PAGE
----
Comments: weekend columns

"Archbishop Desmond Tutu preached about inclusion here at Calvary Church recently. Bishop Duncan squirmed through the sermon with a face like a bulldog chewing a wasp." Giles Fraser

Oh my, but he wasn't making faces just for Bishop Tutu's speech...the "scrunched-up, turned-down, wiggle wiggle and twitch" is because that's how he looks/acts normally when "recognizing" ANYTHING he's not in CONTROL of...that would be, most EVERYTHING at TEC, Thanks Be To God!

Posted by Leonardo Ricardo at Saturday, 24 November 2007 at 7:53pm GMT

"All the world's religions have dangerous and arrogant people who think they are the only ones with the truth."-Giles Fraser

That about sums it up.

Posted by choirboyfromhell at Saturday, 24 November 2007 at 8:11pm GMT

'All the world’s religions have dangerous and arrogant people who think they are the only ones with the truth. Anglicanism has generally had a more modest and generous view, allowing various viewpoints to co-exist. But these new puritans have taken advantage of Anglican theological hospitality to mount a raid on the soul of the Church. They want to close down the very openness that allowed them space to flourish in the beginning.'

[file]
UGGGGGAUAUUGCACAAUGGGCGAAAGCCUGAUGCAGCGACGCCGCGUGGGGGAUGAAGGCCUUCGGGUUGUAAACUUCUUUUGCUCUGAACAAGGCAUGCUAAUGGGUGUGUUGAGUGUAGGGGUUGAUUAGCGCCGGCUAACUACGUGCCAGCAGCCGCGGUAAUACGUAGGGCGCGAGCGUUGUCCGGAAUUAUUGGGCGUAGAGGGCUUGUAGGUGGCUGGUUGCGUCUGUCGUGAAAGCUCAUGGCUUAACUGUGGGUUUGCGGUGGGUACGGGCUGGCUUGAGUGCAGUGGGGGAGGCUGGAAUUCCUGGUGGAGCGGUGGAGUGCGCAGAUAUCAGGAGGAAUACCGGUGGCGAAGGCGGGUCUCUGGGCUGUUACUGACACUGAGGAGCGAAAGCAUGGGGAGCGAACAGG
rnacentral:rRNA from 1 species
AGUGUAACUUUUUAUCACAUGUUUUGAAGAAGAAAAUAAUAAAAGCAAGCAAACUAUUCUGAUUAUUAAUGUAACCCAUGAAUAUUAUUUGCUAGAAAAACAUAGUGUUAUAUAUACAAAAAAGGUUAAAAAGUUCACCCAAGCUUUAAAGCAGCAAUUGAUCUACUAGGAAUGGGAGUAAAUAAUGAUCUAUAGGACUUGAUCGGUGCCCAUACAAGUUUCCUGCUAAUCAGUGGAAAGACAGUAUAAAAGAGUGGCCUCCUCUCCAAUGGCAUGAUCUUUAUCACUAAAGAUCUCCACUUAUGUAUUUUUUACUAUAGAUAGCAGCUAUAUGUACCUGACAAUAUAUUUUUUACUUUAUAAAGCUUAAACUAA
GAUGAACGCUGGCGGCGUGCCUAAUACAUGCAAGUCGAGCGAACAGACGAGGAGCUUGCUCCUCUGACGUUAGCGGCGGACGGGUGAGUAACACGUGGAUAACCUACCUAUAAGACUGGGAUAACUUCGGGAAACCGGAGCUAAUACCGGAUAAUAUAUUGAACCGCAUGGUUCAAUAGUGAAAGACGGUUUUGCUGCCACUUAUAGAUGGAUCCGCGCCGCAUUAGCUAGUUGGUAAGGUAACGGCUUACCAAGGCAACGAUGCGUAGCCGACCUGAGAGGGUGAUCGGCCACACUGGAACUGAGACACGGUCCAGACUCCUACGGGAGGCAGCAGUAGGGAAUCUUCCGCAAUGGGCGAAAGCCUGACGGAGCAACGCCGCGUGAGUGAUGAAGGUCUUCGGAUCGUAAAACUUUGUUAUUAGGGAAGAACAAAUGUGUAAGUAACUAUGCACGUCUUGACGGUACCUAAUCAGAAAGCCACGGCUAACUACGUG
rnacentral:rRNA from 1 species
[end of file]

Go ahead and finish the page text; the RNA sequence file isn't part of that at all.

I hope Giles will utter these words to his various friends who would abolish the Act of Synod and allow no room for conscience in the matter of women bishops in the CofE!

Posted by Neil at Saturday, 24 November 2007 at 8:30pm GMT

I wish Giles Fraser wouldn't beat about the bush and instead could say things more clearly...

My weak attempt to be funny. It's actually a classic by Giles Fraser: well put and straight to the point, especially the remarks about the bishop and not being one in the Episcopal Church for very much longer.

Posted by Pluralist at Saturday, 24 November 2007 at 8:58pm GMT

On an entirely unrelated matter, I see from yesterday's Guardian that everyone's favourite ex-religious reporter, the scrumptious Stephen Bates, has filed a report on the 2007 London Sex Expo. This can, I think, only be viewed as a promotion. Congratulations, Stephen.

Posted by MRG at Sunday, 25 November 2007 at 1:15am GMT

Is the Christian tradition in good shape? Yes. It has weathered successfully the onslaught of eighteenth century scepticism and nineteenth century materialism and can present itself with intellectual candour and integrity in the public forum. Its spiritual traditions remain accessible and widely practiced. Its doctrines have found credible, modern expression. Its basic ethical values are widely recognized, and the world feels more and more how much they are needed.

The reactionary movements within Anglicanism and Roman Catholicism and the virulent fundamentalism in other quarters are deconstructing themselves and reminding people of how precious the hard-won biblical common sense of the mainstream, of the ecumenical movement, and of Vatican II was and is.

Christianity enters its third millennium as a purified and dialogal religion, one that will bring Christ's light and help to humankind more effectively in this millennium than in the previous one.

Posted by Joseph O'Leary at Sunday, 25 November 2007 at 5:39am GMT

Oh God, not another retired bishop? Or are they going to defrock this one.